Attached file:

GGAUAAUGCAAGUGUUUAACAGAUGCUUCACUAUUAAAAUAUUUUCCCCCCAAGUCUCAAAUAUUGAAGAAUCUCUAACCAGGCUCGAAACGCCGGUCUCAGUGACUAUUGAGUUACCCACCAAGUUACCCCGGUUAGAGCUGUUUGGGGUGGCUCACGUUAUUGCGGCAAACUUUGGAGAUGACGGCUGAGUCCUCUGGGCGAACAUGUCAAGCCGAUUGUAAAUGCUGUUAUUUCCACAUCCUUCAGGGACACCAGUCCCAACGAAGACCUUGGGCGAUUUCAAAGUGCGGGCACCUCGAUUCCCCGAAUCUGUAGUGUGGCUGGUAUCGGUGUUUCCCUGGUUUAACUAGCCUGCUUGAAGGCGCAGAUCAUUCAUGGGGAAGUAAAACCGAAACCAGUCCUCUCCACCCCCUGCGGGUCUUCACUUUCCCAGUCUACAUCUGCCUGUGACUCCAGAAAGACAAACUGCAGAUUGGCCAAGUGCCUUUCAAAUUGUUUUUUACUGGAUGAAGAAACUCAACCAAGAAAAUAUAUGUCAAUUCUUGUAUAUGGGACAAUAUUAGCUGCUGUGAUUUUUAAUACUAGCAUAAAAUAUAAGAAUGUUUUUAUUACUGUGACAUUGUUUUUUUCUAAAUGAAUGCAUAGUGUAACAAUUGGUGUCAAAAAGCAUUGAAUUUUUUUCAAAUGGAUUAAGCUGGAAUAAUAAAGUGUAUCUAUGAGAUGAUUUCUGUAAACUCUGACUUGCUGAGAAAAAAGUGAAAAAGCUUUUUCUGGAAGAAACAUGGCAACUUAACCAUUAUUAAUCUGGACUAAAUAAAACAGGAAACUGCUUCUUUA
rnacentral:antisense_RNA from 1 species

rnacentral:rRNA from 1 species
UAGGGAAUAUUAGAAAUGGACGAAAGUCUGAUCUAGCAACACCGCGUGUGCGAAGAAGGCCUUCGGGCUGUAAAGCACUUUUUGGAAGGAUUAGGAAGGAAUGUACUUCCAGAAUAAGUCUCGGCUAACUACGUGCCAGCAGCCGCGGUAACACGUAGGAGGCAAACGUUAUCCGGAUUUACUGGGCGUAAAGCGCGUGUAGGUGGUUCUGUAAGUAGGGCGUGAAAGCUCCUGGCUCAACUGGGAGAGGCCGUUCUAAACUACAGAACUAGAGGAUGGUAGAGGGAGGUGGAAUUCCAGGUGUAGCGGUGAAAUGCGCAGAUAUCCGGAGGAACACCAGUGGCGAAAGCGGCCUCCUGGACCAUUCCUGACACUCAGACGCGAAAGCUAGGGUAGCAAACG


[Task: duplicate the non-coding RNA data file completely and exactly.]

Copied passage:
GGAUAAUGCAAGUGUUUAACAGAUGCUUCACUAUUAAAAUAUUUUCCCCCCAAGUCUCAAAUAUUGAAGAAUCUCUAACCAGGCUCGAAACGCCGGUCUCAGUGACUAUUGAGUUACCCACCAAGUUACCCCGGUUAGAGCUGUUUGGGGUGGCUCACGUUAUUGCGGCAAACUUUGGAGAUGACGGCUGAGUCCUCUGGGCGAACAUGUCAAGCCGAUUGUAAAUGCUGUUAUUUCCACAUCCUUCAGGGACACCAGUCCCAACGAAGACCUUGGGCGAUUUCAAAGUGCGGGCACCUCGAUUCCCCGAAUCUGUAGUGUGGCUGGUAUCGGUGUUUCCCUGGUUUAACUAGCCUGCUUGAAGGCGCAGAUCAUUCAUGGGGAAGUAAAACCGAAACCAGUCCUCUCCACCCCCUGCGGGUCUUCACUUUCCCAGUCUACAUCUGCCUGUGACUCCAGAAAGACAAACUGCAGAUUGGCCAAGUGCCUUUCAAAUUGUUUUUUACUGGAUGAAGAAACUCAACCAAGAAAAUAUAUGUCAAUUCUUGUAUAUGGGACAAUAUUAGCUGCUGUGAUUUUUAAUACUAGCAUAAAAUAUAAGAAUGUUUUUAUUACUGUGACAUUGUUUUUUUCUAAAUGAAUGCAUAGUGUAACAAUUGGUGUCAAAAAGCAUUGAAUUUUUUUCAAAUGGAUUAAGCUGGAAUAAUAAAGUGUAUCUAUGAGAUGAUUUCUGUAAACUCUGACUUGCUGAGAAAAAAGUGAAAAAGCUUUUUCUGGAAGAAACAUGGCAACUUAACCAUUAUUAAUCUGGACUAAAUAAAACAGGAAACUGCUUCUUUA
rnacentral:antisense_RNA from 1 species

rnacentral:rRNA from 1 species
UAGGGAAUAUUAGAAAUGGACGAAAGUCUGAUCUAGCAACACCGCGUGUGCGAAGAAGGCCUUCGGGCUGUAAAGCACUUUUUGGAAGGAUUAGGAAGGAAUGUACUUCCAGAAUAAGUCUCGGCUAACUACGUGCCAGCAGCCGCGGUAACACGUAGGAGGCAAACGUUAUCCGGAUUUACUGGGCGUAAAGCGCGUGUAGGUGGUUCUGUAAGUAGGGCGUGAAAGCUCCUGGCUCAACUGGGAGAGGCCGUUCUAAACUACAGAACUAGAGGAUGGUAGAGGGAGGUGGAAUUCCAGGUGUAGCGGUGAAAUGCGCAGAUAUCCGGAGGAACACCAGUGGCGAAAGCGGCCUCCUGGACCAUUCCUGACACUCAGACGCGAAAGCUAGGGUAGCAAACG